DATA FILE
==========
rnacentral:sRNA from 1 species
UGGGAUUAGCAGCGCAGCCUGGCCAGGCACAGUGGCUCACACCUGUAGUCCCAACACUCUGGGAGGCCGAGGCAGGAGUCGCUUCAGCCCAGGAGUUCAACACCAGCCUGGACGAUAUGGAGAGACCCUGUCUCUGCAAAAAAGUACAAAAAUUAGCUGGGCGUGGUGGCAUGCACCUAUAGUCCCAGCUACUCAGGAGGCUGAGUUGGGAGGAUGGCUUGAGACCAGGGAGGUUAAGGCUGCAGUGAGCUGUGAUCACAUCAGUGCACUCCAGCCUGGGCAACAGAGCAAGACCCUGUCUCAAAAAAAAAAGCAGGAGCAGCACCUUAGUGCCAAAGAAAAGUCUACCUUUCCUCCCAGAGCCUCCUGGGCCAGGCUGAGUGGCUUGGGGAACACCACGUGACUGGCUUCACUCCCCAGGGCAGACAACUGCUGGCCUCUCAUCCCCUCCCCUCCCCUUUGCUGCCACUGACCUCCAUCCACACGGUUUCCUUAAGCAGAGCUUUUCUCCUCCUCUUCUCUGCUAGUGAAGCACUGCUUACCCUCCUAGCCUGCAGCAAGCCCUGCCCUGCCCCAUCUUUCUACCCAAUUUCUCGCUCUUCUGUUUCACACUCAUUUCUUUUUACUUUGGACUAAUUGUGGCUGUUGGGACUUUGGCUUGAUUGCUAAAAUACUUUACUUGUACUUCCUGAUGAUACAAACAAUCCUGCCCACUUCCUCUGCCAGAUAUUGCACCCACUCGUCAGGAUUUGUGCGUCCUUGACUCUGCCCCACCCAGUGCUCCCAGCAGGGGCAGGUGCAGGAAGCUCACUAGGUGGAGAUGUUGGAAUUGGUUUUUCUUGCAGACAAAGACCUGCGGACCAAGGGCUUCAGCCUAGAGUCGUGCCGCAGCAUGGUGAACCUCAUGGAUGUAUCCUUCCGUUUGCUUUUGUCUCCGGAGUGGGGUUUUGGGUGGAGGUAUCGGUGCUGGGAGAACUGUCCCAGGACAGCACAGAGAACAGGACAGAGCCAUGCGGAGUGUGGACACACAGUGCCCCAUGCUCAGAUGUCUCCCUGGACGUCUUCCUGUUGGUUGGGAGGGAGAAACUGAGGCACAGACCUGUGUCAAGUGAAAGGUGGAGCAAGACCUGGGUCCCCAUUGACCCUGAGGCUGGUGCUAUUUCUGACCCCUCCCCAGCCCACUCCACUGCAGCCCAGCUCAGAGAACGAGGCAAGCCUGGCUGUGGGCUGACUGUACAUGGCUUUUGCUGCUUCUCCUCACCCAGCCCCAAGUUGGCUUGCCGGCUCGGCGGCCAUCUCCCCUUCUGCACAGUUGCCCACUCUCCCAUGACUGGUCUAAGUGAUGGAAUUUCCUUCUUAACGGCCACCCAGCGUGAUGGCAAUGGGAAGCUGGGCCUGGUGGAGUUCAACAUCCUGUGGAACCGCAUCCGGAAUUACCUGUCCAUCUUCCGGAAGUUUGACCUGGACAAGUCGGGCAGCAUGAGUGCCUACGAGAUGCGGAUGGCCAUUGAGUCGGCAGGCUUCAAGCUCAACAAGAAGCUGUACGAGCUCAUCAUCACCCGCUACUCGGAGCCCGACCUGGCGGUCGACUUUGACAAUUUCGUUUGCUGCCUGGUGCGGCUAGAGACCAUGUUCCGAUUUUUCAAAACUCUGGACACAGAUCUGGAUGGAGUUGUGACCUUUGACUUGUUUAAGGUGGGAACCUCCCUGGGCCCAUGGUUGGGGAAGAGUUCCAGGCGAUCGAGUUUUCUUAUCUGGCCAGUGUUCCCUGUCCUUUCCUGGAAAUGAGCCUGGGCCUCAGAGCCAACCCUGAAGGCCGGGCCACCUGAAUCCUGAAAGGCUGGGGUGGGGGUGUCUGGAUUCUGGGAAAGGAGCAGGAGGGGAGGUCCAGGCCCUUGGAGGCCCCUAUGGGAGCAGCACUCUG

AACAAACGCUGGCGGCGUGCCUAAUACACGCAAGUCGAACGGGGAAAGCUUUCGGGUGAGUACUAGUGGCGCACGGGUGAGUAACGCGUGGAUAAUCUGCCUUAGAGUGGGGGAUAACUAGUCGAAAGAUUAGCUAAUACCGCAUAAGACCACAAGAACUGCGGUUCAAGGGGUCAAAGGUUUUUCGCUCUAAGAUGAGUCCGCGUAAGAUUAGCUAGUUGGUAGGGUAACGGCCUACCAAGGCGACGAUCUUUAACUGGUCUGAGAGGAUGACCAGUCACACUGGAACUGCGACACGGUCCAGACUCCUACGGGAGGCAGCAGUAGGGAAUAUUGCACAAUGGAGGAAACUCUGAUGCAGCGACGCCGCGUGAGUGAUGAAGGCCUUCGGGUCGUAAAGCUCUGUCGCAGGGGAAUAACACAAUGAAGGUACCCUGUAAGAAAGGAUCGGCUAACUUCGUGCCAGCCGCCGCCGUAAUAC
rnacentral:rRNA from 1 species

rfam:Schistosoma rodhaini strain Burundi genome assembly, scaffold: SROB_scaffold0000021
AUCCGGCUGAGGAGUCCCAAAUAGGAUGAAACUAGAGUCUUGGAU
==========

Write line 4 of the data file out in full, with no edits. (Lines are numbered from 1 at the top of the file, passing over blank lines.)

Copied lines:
rnacentral:rRNA from 1 species